• In a small bowl, whisk together the olive oil, salt, black pepper, and water. Pour the mixture over the eggplant and toss well with your hands.
  • Move the eggplant to a large baking dish or a rimmed baking sheet (pouring any remaining liquid over the eggplant) and bake until the eggplant is soft and can be pricked easily with a fork, 20 to 30 minutes.

    ☞ TESTER TIP: If it’s too crowded to fit all of the eggplant in a single baking dish or baking sheet, go ahead and divvy the eggplant and sauce between two dishes or baking sheets.

  • Place a wok or large, heavy, flat bottomed skillet over high heat. Add the eggplant (no need to add oil) directly to the wok and stir for 1 minute. Add the red pepper flakes and enough Hakka sauce to coat the eggplant. You may not need all of the sauce.
  • Toss and cook until the eggplant is well coated with sauce, 3 to 4 minutes. Add the basil and give the whole thing a good toss.
  • Place in a large bowl and serve family-style.
Myers + Chang At Home Cookbook

Adapted From

Myers + Chang at Home

Buy On Amazon


Serving: 1 portionCalories: 300 kcalCarbohydrates: 28 gProtein: 5 gFat: 19 gSaturated Fat: 3 gMonounsaturated Fat: 13 gCholesterol: 1 mgSodium: 1769 mgFiber: 8 gSugar: 16 g

Nutrition information is automatically calculated, so should only be used as an approximation.

Tried this recipe?Mention @leitesculinaria or tag #leitesculinaria!
Recipe © 2017 Joanne Chang. Photo © 2017 Kristin Teig. All rights reserved.

Recipe Testers’ Reviews

Eggplant is one of those vegetables that, properly cooked, is divine, but done wrong is darn near inedible. Asian preparations are some of my favorites, and this hakka eggplant is no exception. The pre-cook in the oven is a great way to get the raw edge off the eggplant, so it just needs a quick finish in the wok. It’s also clever advance prep, if you’re making several dishes.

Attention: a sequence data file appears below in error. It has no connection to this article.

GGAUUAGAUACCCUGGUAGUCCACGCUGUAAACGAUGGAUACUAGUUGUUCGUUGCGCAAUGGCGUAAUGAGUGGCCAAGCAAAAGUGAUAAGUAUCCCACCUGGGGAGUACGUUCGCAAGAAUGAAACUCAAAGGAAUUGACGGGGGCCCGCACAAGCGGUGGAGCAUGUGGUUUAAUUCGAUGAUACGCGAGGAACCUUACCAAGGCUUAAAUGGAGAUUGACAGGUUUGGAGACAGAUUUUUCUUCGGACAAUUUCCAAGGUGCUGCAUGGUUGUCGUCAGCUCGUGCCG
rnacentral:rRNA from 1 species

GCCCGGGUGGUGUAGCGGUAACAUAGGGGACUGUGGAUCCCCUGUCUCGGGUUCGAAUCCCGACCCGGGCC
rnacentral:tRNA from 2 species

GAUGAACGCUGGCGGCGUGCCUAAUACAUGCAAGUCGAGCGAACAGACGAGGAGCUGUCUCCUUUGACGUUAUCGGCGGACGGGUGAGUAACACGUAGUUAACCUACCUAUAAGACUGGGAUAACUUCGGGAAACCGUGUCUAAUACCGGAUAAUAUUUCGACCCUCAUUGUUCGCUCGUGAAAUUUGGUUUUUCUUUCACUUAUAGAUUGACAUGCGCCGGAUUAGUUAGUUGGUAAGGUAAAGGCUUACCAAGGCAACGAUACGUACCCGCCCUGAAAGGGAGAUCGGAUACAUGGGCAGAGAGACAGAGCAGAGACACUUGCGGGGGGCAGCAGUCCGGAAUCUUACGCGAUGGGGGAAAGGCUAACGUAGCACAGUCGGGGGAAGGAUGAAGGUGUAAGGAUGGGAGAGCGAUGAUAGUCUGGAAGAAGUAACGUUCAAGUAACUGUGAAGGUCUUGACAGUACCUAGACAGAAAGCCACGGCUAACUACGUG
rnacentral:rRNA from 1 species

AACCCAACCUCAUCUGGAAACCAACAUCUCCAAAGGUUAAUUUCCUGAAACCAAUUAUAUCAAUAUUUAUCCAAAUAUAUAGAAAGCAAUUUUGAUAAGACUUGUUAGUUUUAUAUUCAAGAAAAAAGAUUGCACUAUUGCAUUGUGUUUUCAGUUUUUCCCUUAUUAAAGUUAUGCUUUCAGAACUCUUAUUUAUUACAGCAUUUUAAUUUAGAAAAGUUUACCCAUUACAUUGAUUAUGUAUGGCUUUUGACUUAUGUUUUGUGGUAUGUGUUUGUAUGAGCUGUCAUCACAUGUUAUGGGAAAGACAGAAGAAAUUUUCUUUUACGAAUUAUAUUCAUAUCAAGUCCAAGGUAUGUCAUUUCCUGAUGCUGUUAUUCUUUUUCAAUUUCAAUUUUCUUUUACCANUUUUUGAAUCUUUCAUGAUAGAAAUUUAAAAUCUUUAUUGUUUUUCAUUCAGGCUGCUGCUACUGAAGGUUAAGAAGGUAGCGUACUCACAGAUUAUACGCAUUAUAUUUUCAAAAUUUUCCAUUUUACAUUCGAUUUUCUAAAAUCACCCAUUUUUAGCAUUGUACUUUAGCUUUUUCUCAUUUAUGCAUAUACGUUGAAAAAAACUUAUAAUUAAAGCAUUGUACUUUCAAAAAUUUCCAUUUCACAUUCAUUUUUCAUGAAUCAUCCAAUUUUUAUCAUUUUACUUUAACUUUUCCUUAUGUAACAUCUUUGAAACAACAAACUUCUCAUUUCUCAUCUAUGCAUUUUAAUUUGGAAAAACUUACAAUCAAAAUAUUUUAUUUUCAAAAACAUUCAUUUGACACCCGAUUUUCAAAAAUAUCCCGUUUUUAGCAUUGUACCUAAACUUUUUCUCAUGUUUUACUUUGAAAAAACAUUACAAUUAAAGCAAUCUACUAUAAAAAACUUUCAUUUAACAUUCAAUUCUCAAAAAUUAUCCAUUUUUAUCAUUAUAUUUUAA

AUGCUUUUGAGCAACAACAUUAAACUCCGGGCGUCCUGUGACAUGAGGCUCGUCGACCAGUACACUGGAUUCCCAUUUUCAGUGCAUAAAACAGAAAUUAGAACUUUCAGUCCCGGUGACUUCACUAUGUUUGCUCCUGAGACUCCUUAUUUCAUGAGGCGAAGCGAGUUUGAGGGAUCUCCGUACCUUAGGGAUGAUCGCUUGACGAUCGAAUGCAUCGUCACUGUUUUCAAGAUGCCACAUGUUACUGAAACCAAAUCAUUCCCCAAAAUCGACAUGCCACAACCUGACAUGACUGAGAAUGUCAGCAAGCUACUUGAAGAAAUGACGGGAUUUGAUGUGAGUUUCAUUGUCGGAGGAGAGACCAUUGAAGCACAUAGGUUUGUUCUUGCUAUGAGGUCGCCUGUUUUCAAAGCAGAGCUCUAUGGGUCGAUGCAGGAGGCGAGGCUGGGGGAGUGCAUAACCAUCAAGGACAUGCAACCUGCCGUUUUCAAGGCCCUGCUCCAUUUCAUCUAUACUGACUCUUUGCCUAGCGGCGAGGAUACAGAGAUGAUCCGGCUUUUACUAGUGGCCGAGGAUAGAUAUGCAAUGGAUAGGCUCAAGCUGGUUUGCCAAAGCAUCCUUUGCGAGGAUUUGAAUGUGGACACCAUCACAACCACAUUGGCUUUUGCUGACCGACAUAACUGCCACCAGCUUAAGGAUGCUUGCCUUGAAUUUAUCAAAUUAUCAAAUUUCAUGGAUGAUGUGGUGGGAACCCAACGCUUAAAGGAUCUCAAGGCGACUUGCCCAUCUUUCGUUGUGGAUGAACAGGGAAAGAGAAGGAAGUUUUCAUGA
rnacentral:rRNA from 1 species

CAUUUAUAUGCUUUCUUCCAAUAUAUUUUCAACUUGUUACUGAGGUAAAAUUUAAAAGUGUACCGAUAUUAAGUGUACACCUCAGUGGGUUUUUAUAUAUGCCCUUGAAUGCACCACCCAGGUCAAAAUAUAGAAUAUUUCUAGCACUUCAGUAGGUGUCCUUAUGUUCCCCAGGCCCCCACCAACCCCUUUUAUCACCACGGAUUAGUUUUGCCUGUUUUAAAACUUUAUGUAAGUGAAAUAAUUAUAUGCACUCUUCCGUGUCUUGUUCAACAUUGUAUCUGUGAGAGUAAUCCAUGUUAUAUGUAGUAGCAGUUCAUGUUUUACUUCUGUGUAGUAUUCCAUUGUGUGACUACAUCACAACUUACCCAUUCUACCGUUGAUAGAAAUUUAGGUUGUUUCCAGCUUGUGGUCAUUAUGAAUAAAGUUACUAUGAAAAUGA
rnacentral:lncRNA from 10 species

The basil is a really nice touch which makes this eggplant stir-fry stand out from the crowd. As an added bonus, you get the Hakka sauce, which has applications beyond this dish and could be used to flavor any stir-fry.

I loved this hakka eggplant and I will make it again. It has such a lovely balance of sweetness from the hoisin, heat from the red pepper, and tang from the vinegar and Shaoxing wine. I once ate a version of this recipe at a Taiwanese restaurant and this was remarkably like this.

I couldn’t find thick soy sauce after going to multiple stores, including an Asian grocery. I liked this recipe enough that I’ll probably order some online, or visit another Asian grocery, to see what else it would bring to this recipe.

When I make this again, I’d also add perhaps a touch more vinegar for a bit more balance. Additionally, my finished eggplant looked nothing like the photo. The eggplant skin didn’t stay purple in the oven and the sauce was so thick that it coated the eggplant, making it all look brown and coated in the thick sauce with flecks of the green basil.

At the end of the day, though, this tasted delicious and I will make it again, with or without the thick soy sauce.

About David Leite

I count myself lucky to have received three James Beard Awards for my writing as well as for Leite’s Culinaria. My work has also appeared in The New York Times, Martha Stewart Living, Saveur, Bon Appétit, Gourmet, Food & Wine, Yankee, Los Angeles Times, Chicago Tribune, The Washington Post, and more.